There are artists whose styles are admirable and those who know how to handle color, but it takes a well-rounded human to motivate artistic concepts – even one’s morality as a painter. This man had a superb mind, a gentle heart, and a skillful stroke.
“In short, I want to reach the point where people say of my work, that man feels deeply and that man feels subtly,” said Vincent van Gogh, who, for many, is an inspiration for not only his style, but more so and more importantly, how he was able to show people the depth of humanity. His work had purpose, his hands had persistence, and his heart had love for others.
This year, 2018, the movie Loving Vincent (Welchman) came to iTunes in the United States. The movie presented a question – a question that changes history: Did Vincent van Gogh actually kill himself? The film puts forth evidence that his supposed suicide was a cover up for the man who murdered him. Vincent was overcoming his mental illness when he was shot in the stomach. He walked to go get help, and died later in a hospital bed. If the theory behind this film was true, then van Gogh died practicing what he preached: “I feel that there is nothing more truly artistic than to love people".
Van Gogh, arguably one of the most well known artists of all time, was a driven man. If an artist’s motivation lies entirely in how others receive their art, their motivation will quickly dissipate. Van Gogh said, “Art demands persistent work, work in spite of everything, and unceasing observation. By persistent I mean in the first place continued labour, but also not abandoning your approach because of what someone else says.” Van Gogh kept his own vision, and because of this he is one of most renown artists in history. He said, “. . . through my work I’d like to show what there is in the heart of such an oddity, such a nobody. This is my ambition, which is based less on resentment than on love in spite of everything, based more on a feeling of serenity than on passion. Even though I’m often in a mess, inside me there’s still a calm, pure harmony and music.” One cannot always be passionate about their work. Passion comes and passion goes, but one must keep painting.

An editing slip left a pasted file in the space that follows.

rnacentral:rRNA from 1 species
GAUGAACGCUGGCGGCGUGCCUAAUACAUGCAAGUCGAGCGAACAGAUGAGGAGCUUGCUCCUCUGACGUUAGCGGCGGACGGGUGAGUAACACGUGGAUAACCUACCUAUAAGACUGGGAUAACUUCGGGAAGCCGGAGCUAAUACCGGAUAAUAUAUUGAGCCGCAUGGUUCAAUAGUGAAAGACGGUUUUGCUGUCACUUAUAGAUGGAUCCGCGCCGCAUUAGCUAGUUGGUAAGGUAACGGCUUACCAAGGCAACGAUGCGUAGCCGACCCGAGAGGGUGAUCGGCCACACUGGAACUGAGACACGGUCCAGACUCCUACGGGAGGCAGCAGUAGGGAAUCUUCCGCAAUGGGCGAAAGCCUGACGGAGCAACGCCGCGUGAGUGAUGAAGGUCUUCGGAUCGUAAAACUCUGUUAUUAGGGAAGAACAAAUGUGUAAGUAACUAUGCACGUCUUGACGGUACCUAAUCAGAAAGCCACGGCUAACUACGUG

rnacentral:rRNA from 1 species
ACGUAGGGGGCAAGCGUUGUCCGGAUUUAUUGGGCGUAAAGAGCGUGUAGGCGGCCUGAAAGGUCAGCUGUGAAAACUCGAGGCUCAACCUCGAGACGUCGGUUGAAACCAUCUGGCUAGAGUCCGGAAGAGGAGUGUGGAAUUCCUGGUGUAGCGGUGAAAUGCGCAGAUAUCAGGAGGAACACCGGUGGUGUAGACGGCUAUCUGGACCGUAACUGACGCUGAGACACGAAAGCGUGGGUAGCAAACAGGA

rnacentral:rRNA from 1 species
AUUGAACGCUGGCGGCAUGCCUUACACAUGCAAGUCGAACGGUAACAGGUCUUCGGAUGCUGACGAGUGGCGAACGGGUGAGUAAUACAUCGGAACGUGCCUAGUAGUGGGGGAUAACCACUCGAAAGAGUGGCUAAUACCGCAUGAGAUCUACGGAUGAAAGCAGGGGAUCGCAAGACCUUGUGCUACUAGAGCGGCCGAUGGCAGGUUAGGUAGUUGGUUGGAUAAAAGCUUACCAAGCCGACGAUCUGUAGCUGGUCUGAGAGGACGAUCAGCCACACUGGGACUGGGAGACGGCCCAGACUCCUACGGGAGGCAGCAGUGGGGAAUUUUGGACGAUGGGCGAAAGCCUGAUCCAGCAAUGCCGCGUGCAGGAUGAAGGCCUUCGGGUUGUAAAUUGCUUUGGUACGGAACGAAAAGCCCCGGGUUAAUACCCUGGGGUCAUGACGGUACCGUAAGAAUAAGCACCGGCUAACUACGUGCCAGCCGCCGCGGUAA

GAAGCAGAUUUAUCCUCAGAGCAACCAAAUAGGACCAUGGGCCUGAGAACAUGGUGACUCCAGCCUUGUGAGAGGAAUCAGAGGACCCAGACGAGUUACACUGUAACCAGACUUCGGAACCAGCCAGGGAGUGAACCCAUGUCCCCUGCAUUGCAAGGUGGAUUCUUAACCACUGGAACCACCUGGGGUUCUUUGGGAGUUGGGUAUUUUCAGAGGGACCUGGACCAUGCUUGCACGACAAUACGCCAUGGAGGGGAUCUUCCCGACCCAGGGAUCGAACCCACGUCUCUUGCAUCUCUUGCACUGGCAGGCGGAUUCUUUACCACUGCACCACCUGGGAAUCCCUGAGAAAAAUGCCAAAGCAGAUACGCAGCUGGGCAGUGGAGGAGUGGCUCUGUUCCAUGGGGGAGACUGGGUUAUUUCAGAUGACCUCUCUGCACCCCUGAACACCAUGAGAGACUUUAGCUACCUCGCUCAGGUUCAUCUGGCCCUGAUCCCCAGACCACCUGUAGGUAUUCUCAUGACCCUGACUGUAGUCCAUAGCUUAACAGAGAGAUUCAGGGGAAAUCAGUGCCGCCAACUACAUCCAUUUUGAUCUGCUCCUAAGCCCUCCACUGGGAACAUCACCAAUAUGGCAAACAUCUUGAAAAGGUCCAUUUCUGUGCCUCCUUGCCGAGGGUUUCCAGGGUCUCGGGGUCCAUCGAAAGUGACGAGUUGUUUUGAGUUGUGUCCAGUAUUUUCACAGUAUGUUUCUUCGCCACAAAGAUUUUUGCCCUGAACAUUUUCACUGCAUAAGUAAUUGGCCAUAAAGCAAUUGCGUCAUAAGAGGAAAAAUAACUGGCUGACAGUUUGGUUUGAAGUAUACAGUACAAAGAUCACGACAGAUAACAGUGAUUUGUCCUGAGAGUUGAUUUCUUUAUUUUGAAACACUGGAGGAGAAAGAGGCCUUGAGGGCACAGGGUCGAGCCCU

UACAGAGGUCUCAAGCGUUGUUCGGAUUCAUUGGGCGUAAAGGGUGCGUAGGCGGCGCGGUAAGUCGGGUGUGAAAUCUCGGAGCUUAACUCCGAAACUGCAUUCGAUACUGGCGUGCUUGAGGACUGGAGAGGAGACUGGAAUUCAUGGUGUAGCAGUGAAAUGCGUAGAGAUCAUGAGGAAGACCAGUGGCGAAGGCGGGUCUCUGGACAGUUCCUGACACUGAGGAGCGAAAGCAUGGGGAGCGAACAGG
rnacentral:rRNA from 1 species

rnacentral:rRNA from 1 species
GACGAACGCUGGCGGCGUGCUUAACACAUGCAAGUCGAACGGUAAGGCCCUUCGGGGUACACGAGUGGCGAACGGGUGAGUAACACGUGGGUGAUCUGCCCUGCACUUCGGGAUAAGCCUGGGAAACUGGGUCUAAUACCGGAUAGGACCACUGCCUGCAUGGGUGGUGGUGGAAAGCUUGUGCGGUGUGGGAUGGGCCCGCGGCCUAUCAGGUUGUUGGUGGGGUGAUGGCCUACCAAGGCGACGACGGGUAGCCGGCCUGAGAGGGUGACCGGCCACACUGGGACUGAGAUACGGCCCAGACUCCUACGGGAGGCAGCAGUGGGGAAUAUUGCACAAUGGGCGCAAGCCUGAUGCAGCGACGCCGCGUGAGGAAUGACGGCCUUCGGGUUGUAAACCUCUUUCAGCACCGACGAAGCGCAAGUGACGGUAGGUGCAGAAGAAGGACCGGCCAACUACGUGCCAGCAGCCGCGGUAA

“249.” 249 (250, 218): To Theo Van Gogh. The Hague, on or about Friday, 21 July 1882. - Vincent Van Gogh Letters, vangoghletters.org/vg/letters/let249/letter.html.
Gogh, Vincent van, and Ronald de. Leeuw. The Letters of Vincent Van Gogh. Penguin, 1997.
Mike, Science, and Michael Gungor. “Episode 7 -- Lost and Found (Part 2).” The Liturgists Podcast, The Liturgists Podcast, 28 Oct. 2014, itunes.apple.com/us/podcast/episode-7- lost-and-found-part-2/id903433534?i=1000364512224&mt=2.
Welchman, Hugh, et al. Loving Vincent. Loving Vincent, BreakThru Productions and Trademark Films, 2017, lovingvincent.com/the-movie,3,pl.html.
“Vincent Van Gogh Quotes.” BrainyQuote, Xplore, www.brainyquote.com/quotes/vincent_van_gogh_383837.